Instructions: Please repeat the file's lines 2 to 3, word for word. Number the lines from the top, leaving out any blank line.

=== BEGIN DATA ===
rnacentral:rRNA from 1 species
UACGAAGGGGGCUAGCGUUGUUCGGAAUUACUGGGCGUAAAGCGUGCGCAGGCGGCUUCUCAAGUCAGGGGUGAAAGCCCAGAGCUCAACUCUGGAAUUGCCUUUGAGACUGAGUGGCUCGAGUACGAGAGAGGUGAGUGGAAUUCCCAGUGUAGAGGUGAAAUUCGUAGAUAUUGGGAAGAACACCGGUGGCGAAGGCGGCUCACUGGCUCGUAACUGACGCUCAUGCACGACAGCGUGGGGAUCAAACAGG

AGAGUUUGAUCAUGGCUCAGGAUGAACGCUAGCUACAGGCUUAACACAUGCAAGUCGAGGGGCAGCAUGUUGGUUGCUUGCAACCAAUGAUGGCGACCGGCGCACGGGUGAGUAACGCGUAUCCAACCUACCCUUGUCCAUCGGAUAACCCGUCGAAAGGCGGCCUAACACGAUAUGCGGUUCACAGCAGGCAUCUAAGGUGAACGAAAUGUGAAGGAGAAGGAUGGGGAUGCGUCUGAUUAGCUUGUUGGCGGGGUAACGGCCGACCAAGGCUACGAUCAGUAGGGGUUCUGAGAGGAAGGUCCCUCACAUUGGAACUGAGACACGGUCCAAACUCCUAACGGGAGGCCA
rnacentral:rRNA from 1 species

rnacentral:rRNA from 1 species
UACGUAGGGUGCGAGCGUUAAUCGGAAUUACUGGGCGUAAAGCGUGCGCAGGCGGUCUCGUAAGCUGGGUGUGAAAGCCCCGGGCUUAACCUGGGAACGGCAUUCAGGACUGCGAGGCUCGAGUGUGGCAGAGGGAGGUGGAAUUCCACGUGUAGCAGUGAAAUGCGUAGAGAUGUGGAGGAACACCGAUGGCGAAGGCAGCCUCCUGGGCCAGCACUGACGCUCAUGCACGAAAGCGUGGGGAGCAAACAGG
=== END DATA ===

UACGAAGGGGGCUAGCGUUGUUCGGAAUUACUGGGCGUAAAGCGUGCGCAGGCGGCUUCUCAAGUCAGGGGUGAAAGCCCAGAGCUCAACUCUGGAAUUGCCUUUGAGACUGAGUGGCUCGAGUACGAGAGAGGUGAGUGGAAUUCCCAGUGUAGAGGUGAAAUUCGUAGAUAUUGGGAAGAACACCGGUGGCGAAGGCGGCUCACUGGCUCGUAACUGACGCUCAUGCACGACAGCGUGGGGAUCAAACAGG

AGAGUUUGAUCAUGGCUCAGGAUGAACGCUAGCUACAGGCUUAACACAUGCAAGUCGAGGGGCAGCAUGUUGGUUGCUUGCAACCAAUGAUGGCGACCGGCGCACGGGUGAGUAACGCGUAUCCAACCUACCCUUGUCCAUCGGAUAACCCGUCGAAAGGCGGCCUAACACGAUAUGCGGUUCACAGCAGGCAUCUAAGGUGAACGAAAUGUGAAGGAGAAGGAUGGGGAUGCGUCUGAUUAGCUUGUUGGCGGGGUAACGGCCGACCAAGGCUACGAUCAGUAGGGGUUCUGAGAGGAAGGUCCCUCACAUUGGAACUGAGACACGGUCCAAACUCCUAACGGGAGGCCA